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Geofencing is a location-based service that makes use of GPS, RFID, cellular, or WiFi to create virtual boundaries that trigger events or alerts on another device. These events are triggered when an RFID tag or sensor enters or leaves the defined boundary. It's one of the most prominent features seen in IoT applications today, and it's especially useful for communicating alerts from one device to another. This article presents the top three best practices for designing a geofence feature by using examples from Siren Marine, a fleet management tool that we designed to keep boat owners informed about their assets.

1. Customizations

One of the valuable things about geofencing is the fact that on a given map, you can create as many geofences as you'd like. With so many different possibilities, you'll want to be able to do a number of things such as naming the geofence, color coding, and defining other specific appearance styles such as the type of outline and zone label visibility. This level of granularity allows the platform's users to customize the map to what they feel will increase their operational efficiency.

Siren Marine's fleet management desktop web app is the perfect example of app customizability. In the image below, you can see that upon drawing a geofence, the user gets prompted to define a list of properties pertaining to the appearance and style of the defined boundary.

Image Credit: Leverege

2. Alert Settings

The second (and possibly most important) feature allows users to define when and for whom alerts are triggered when a device has entered or exited the geofence. With this feature, it's also important to specify the user journey for how alert preferences are set up.

Siren Marine's user journey for this is ideal. It includes a contacts page that allows the account owner to define the level of boat access each user has. Within the contacts page, you can identify the contact name, email, phone, user role, and boat/tag access.

Image Credit: Leverege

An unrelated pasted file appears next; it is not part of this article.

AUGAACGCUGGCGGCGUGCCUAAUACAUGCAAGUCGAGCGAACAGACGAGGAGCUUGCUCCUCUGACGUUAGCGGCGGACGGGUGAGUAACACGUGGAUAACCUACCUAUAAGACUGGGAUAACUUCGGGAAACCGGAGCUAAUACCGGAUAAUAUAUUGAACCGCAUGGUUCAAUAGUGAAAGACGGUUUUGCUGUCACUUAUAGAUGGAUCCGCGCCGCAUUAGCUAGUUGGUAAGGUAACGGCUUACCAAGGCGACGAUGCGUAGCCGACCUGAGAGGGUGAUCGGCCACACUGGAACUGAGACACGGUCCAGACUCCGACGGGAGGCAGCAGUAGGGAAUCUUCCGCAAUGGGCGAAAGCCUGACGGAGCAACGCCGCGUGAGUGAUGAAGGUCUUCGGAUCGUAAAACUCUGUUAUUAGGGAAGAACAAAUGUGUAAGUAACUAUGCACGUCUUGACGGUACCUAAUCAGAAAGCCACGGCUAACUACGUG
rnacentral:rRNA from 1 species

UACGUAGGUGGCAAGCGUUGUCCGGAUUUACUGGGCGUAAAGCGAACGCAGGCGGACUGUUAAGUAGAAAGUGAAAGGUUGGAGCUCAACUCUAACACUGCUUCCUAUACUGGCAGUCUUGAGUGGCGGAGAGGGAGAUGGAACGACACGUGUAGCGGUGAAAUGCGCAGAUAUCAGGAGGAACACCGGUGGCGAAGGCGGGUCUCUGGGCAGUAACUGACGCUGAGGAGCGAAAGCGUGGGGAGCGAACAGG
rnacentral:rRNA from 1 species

The mobile app does an even better job at this. It allows for global settings that apply to each of the users identified in the fleet management app. As shown in the mobile screens below, the account owner can determine whether they or their users want to receive text messages, emails, or push notifications per sensor.

All of these features allow the user to customize their alert preferences which reduces frustration and creates a better user experience as a whole. A sleek mobile interface allows for more alert customizations:

Image Credit: Leverege

3. Bulk Actions

Once we've set up all geofences and alert preferences, the last piece of the puzzle is having an easy way to view all of the geofence zones in order to activate/deactivate them. It's important to note that upon setting up a new zone, the settings will take on the default state of active.

Siren Marine does a great job at doing this by incorporating this list in the navigation as seen below. On the right, you'll see a list of toggles that control their corresponding geofences. And on the left, you'll see check boxes that control the visibility of each geofence without jeopardizing their presence in the system. In other words, it allows the user to control which fences they see on the map without needing to delete anything.

Image Credit: Leverege

But what if you want to delete a geofence? While some designers may choose to allow for bulk deletion, Siren Marine's approach to this user journey includes this action within the geofence drill down page as seen in image 1.

This prevents mistakes, allows more room for customization and control over what the user wishes to see, and communicates with the user that this action is irreversible.

While there are many different ways of going about designing a geofencing tool, it's important to consider the user's journey as whole in order to ensure a smooth and intuitive user experience. Good design always feels straightforward.

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Shahrzad Darafsheh

Shahrzad (also known as Zaz by her coworkers) is a product designer at Leverege who loves anything art, design, and science related. When she isn’t in the office, you can find her in the dance studio, outdoors running, or reading up on new design trends.

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